The legislative history available with regard to Senate Bill 911 and the House's companion bill, House Bill 954, establishes that the legislature intended to require providers within the scope of article 3.51-9 to provide coverage for chemical dependency treatment similar to the coverage required in 1985 for treatment of alcohol dependency. See Bill Analysis, S.B. 911, 71st Leg. (1989) (expands 1985 mandate "to include mandatory coverage of 'chemical' dependencies"); House Research Organization's Daily Floor Report, Part Two, at 43 (May 4, 1989) (House Bill 954 amends article 3.51-9 to require coverage for the treatment of alcohol and other chemical dependencies). [FN4]

As mentioned above, the current language of section 2A of article 3.51-9 states that providers within the scope of the article "shall provide . . . benefits for the necessary care and treatment of chemical dependency that are not less favorable than for physical illness generally" and that "benefits so provided shall be determined as if necessary care and treatment in a chemical dependency treatment center were care and treatment in a hospital." This statutory language clearly indicates the legislature's intent to mandate provision of chemical dependency benefits and also prohibit chapter 3 group insurers from denying coverage for treatment provided in a chemical dependency treatment center on the basis that such a center is not a general hospital licensed by the Texas Department of Health. See Attorney General Opinion JM-5, at 3 (construing almost identical language and reaching similar conclusion).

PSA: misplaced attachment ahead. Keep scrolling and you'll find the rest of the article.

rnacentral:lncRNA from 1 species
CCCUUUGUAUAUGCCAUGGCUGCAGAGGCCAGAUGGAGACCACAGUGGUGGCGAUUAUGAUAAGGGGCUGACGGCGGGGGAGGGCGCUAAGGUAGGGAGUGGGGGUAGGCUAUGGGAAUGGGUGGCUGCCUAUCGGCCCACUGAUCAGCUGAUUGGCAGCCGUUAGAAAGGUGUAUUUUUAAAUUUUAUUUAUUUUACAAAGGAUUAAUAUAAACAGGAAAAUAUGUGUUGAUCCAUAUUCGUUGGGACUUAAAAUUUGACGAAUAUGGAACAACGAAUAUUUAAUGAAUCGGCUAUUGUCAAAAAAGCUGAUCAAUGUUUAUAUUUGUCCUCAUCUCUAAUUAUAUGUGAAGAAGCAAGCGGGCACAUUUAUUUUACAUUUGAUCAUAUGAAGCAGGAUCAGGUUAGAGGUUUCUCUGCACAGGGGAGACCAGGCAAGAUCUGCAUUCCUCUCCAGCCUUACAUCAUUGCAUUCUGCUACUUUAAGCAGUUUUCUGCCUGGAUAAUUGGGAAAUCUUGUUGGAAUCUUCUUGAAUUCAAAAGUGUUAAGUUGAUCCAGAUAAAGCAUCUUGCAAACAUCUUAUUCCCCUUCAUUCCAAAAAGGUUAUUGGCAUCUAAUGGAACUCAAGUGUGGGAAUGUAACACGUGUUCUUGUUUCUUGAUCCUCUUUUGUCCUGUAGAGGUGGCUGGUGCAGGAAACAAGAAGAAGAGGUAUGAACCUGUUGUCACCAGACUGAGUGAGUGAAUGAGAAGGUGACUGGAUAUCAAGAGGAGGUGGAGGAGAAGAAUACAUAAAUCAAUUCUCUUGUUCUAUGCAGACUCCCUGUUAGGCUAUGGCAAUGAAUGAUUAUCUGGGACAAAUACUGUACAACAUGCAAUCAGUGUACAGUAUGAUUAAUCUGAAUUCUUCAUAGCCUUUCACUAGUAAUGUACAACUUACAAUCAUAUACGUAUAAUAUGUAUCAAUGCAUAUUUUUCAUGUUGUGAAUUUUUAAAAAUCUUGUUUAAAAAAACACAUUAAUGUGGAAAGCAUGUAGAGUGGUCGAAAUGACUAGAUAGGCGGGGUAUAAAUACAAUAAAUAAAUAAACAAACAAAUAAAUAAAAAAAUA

The legislative history of article 3.51-9 reinforces this conclusion. As summarized above, the legislature first changed article 3.51-9 from a provision that merely mandated providers within the scope of the article to offer coverage for certain drug dependency treatment even if the treatment was provided in alcohol and other drug dependency treatment centers to a provision in 1985 that mandated actual coverage of alcohol dependency treatment even if provided in authorized treatment centers. Second, the legislature in 1989 expanded the coverage mandated in 1985 for alcohol dependency treatment to include the care and treatment of chemical dependencies other than alcohol. At no point does the legislative history indicate any legislative intent to allow a chapter 3 group insurer to discriminate against chemical dependency treatment centers because they are not hospitals, or in particular, not hospitals licensed by the Texas Department of Health. In fact, while amending other language in article 3.51-9 in 1985 and 1989, the legislature left unchanged the statutory language referring to treatment in a dependency center as if it were care and treatment in a hospital. As mentioned in our earlier discussion of Attorney General Opinion JM-5, this language supports the conclusions therein that the legislature did not intend insurers within the scope of article 3.51-9 to be free to discriminate against authorized drug dependency treatment centers, and thus, that such insurers could not deny coverage for treatment provided in such centers on the basis that they were not hospitals.